More than 1001 Days and Nights of Hong Kong Internment
A Personal Narrative
ISBN : 978-988-8754-12-0
336 pages, 6″ x 9″, 18 b&w illus. and 3 maps
More Than 1001 Days and Nights of Hong Kong Internment is the wartime journal of Sir Chaloner Grenville Alabaster, former attorney-general of Hong Kong and one of the three highest-ranking British officials during the Japanese occupation. He was imprisoned by the Japanese at the Stanley Internment Camp from 1941 to 1945. During his internment, he managed to keep a diary of his life in the camp in small notebooks and hid them until his release in 1945. He then wrote his wartime journal on the basis of these notes. The journal records his day-to-day experiences of the fall of Hong Kong, his time at Stanley, and his eventual release. Some of the most fascinating extracts cover the three months immediately after the fall of Hong Kong and when Alabaster and his colleagues were imprisoned in Prince’s Building in Central and before they were sent to the camp, a period little covered in previous publications. Hence, the book is an important primary source for understanding the daily operation of the Stanley Internment Camp and the camp’s environment. Readers will also learn more about the daily life of those imprisoned in the camp, and C. G. Alabaster’s interaction with other prisoners there.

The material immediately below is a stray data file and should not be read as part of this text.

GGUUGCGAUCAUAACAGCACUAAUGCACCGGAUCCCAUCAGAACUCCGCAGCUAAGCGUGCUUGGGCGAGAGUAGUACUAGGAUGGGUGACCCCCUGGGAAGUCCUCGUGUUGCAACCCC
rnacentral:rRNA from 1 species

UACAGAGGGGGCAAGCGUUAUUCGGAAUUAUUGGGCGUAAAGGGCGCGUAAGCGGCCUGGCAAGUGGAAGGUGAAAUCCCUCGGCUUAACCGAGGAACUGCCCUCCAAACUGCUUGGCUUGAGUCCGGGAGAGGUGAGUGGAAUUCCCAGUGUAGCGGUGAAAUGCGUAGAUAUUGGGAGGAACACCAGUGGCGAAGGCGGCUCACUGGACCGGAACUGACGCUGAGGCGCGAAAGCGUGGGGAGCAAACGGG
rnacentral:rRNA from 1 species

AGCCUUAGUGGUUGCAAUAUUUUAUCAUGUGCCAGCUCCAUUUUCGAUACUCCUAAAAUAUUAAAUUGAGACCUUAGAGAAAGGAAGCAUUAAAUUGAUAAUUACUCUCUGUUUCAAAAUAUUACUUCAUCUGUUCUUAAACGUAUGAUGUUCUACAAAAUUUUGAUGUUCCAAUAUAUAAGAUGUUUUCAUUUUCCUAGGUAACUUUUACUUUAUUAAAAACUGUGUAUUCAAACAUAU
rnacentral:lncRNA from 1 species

‘A prominent figure in pre-war Hong Kong, Alabaster was one of the leaders of the British community in Stanley Internment Camp. His recently discovered journal provides a detailed and candid account of the routines, anxieties, and hardships of camp life. It also offers new insights into the complex politics and divisions among internees. With its substantial editorial introduction, this book is an important addition to the growing literature on internment during Japan’s wartime occupation of Hong Kong.’ —Christopher Munn, University of Hong Kong
‘Of the many memoirs of the Stanley civilian internment camp, this is perhaps the most fascinating and engrossing. Written soon after the war and based on a diary, it is not only a day-by-day description of the travails of life in captivity but also, more interestingly, an account of the inner tensions and divisions that were rampant among the British internees from beginning to end.’ —Edward J. M. Rhoads, University of Texas at Austin